Frustrated by Pentagon efforts, Connecticut groups that work with veterans have informed some 1,500 veterans that they can apply for upgrades of “bad paper” military discharge statuses if they have been diagnosed with Post Traumatic Stress Disorder (PTSD). Although tens of thousands of veterans nationwide are eligible to apply for PTSD-related upgrades, just 1,180 have done so, according to figures provided by the Pentagon to the Yale Law School Veterans Legal Services Clinic. In 2014, then Defense Secretary Chuck Hagel issued a policy to make it easier for veterans with PTSD to upgrade their discharge statuses and become eligible for veterans’ benefits. “Most people don’t know about it,” said Olivia Horton, a Yale law student, working on the project to contact Connecticut veterans by mail. She said frustration with the Pentagon’s public outreach “was the impetus” to contact veterans directly.
A month before he left prison, Jeffrey Murdock, a veteran who suffers from depression and multiple sclerosis, thought his future would entail living as a patient in a state mental hospital. But Murdock’s outlook changed drastically after a Veterans Health Administration social worker met with him while he was still in prison, assessed him and arranged for him to receive an apartment, food, clothing and medical care upon his release. Murdock, 55, is one of 50 incarcerated veterans who have been have been helped since June by the VA jail release program, according to Michele Roberts, the social worker who runs it. Assistance includes housing, medical care, medications, and substance abuse treatment, all of which have helped the veterans avoid situations that put them at risk for re-arrest. Just two are back in jail and a third left the program, Roberts said.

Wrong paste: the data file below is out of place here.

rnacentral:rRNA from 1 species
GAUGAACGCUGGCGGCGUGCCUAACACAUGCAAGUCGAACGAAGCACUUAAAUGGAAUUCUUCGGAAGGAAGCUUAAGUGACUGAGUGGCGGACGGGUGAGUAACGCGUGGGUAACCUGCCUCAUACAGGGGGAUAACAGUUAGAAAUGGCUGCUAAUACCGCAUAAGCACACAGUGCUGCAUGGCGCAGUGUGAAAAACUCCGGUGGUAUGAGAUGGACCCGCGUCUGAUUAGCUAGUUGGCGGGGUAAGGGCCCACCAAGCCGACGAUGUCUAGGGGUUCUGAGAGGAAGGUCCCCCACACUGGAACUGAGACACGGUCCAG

In 2009, Edward LaPointe’s life hit bottom as he endured divorce, eviction, and homelessness. His earnings as a cab driver didn’t pay the bills and mental illness overwhelmed him. LaPointe, a Marine Corps veteran, was informed that he was no longer eligible for Social Security disability benefits. While the VA helped him obtain housing, the pro bono Connecticut Veterans Legal Center got his Social Security back. “All my anxiety left.
Gene Trotman, 59, of Waterbury, has been fighting for so long to get disability benefits from the Veterans Benefits Administration, he now wonders if “maybe they’re waiting for me to die.”
Trotman, an Air Force veteran who served in the early 1970s, initially sought benefits in 1991 for a psychiatric condition. After several denials, he was finally approved for disability compensation last July. But, he still hasn’t received any money. He is waiting for the VBA Hartford Regional Office to complete the process which determines how much he will get. Connecticut veterans typically wait more than seven months, an average of 213 days, to have claims processed, according to U.S. Department of Veterans Affairs figures compiled by the Center for Investigative Reporting. As of Jan. 28, a total of 1,364 state veterans’ cases were backlogged out of 2,750 who have filed claims, the numbers show. Waits longer than 125 days are considered backlogged. For appeals of VBA decisions, the average wait is more than three years – 1,181 days.